Dhe Organizing Committee for the 2024 Summer Olympics is getting really busy. A series of tests are scheduled for these weeks to prevent serious mistakes being made in Paris in a year’s time. Sometimes these practice runs take place with athletes and spectators, sometimes without. Above all, the Olympic organizer wants to avoid a similar chaos as there was around the 2022 Champions League final in football in the Stade de France. Back then, hundreds of Liverpool and Madrid fans were attacked and robbed by organized gangs.
But beyond security in public space, there are many areas of conflict that need to be tackled in Paris. On the one hand for sports fans who want to visit the Summer Games between July 26 and August 11, 2024 and need tickets and accommodation. On the other hand, for the organizers and the city administration, who have to regulate the handling of athletes from Russia and Belarus.
It is already foreseeable that Olympic visitors will have to dig deep into their pockets for overnight stays. For example, according to the Airbnb booking site, a prospect is being offered a room for €2117.65 per night during the Summer Olympics. This studio apartment, which is still available, would cost a whopping 42,327.32 euros for the entire period. Such an offer is an indication of the price explosion that the 2.7 million expected tourists will have to deal with.
Bad surprise with athletics tickets
With less than 500 days to go before the festivities, which are expected to draw 12 to 15 million visitors, many are wondering where to stay on a budget. While private individuals in Paris see it as an opportunity to make decent money, others fear that excesses could occur that would overstrain the Olympic spirit.
During the Olympic Games, a total of 130,000 apartments and thus just as many hosts will rent all or part of their property via the Airbnb platform and thus accommodate 560,000 tourists. Airbnb hosts are expected to earn around €2,000 gross (before taxes and other costs) by renting out their accommodation for 10 days during the Olympic and Paralympic Games. This means that the revenue per night will be around 200 euros and should increase by an average of 70 percent compared to prices in 2022.
Ticket sales are also always a cause for discussion. The prices and availability of seats at the start of the second sales phase caused just as much concern as in the first phase. In addition, another mishap could enrage the drawn. Many owners of track and field tickets from the second round of sales experienced a nasty surprise after single ticket sales went online.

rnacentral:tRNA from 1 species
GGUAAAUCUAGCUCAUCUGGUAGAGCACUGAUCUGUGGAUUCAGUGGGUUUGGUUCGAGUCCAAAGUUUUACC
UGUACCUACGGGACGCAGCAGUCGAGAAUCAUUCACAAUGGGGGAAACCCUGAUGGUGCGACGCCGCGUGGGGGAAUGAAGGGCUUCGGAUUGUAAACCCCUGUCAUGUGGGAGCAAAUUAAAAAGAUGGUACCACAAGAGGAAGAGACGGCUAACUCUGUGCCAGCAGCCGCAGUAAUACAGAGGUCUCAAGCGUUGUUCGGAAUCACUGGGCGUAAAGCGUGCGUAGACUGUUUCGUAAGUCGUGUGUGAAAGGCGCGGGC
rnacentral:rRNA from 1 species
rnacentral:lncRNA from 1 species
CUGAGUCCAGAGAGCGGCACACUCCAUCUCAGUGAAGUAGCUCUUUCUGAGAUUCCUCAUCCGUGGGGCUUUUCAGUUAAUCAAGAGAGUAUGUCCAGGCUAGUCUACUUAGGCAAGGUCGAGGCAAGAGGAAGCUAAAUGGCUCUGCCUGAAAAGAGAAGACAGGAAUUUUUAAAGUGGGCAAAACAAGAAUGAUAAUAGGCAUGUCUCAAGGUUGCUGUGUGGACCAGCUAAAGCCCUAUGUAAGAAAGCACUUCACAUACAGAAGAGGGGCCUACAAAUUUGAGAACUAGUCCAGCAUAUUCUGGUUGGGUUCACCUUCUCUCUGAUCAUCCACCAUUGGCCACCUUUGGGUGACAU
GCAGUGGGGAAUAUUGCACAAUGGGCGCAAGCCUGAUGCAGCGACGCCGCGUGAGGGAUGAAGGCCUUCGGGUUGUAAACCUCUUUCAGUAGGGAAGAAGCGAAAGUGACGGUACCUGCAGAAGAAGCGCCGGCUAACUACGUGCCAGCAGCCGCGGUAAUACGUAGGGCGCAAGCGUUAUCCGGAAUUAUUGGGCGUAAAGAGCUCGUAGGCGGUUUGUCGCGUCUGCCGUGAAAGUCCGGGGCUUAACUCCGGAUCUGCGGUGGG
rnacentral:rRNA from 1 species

“We found that there were errors in eight athletics sessions,” confirmed Tony Estanguet, head of the Paris 2024 Organizing Committee: “There are more than 760 sessions that are put up for sale in this second phase of ticketing. There was a programming error in those eight athletics sessions as the calendar evolved and we didn’t update it.”
Public transport as another problem
The consequence of this missed update: viewers can have spent up to 980 euros for a ticket for the final at the Stade de France – and then find a completely different program. 3.25 million tickets had found a buyer in the first phase in February and one million of the 1.5 million tickets put up for sale for the second round went away in just under 48 hours. A third and final sales phase for single tickets, this time without a raffle, is planned for the end of 2023.
Another problem is public transport. The trains in Paris are anything but smooth, regardless of whether they are subway or suburban trains. Especially the Ligne B, which goes to the department of Seine-Saint-Denis, where several events will take place in 14 months, gives the organizers a headache. Jean Castex, until recently France’s prime minister and now head of the RATP (Paris Tourist Office), is supposed to fix it.
Last but not least, the possible Olympic participation of athletes from Russia and Belarus triggers controversy. Paris Mayor Anne Hidalgo spoke out against athletes from both countries starting as allegedly “neutral athletes” “as long as there is war”.
From her point of view, under the prevailing circumstances, it is “inconceivable that we would allow a country that is attacking another country to march up as if nothing had happened. For a delegation to come to Paris while bombs continue to fall on Ukraine is utter nonsense,” Hidalgo added. How does the organizing committee feel about this?
The International Olympic Committee has consistently reaffirmed its willingness to accept athletes from Russia and Belarus: as “individual athletes” and provided they meet a set of criteria designed to guarantee their “neutrality” towards the Moscow and Minsk regimes. French Sports Minister Amélie Oudéa-Castéra is trying to delay the matter. “The recommendations in no way prejudge the participation of Russians and Belarusians in the Summer 2024 Games,” she said. Uncertainty continues to prevail on this explosive topic.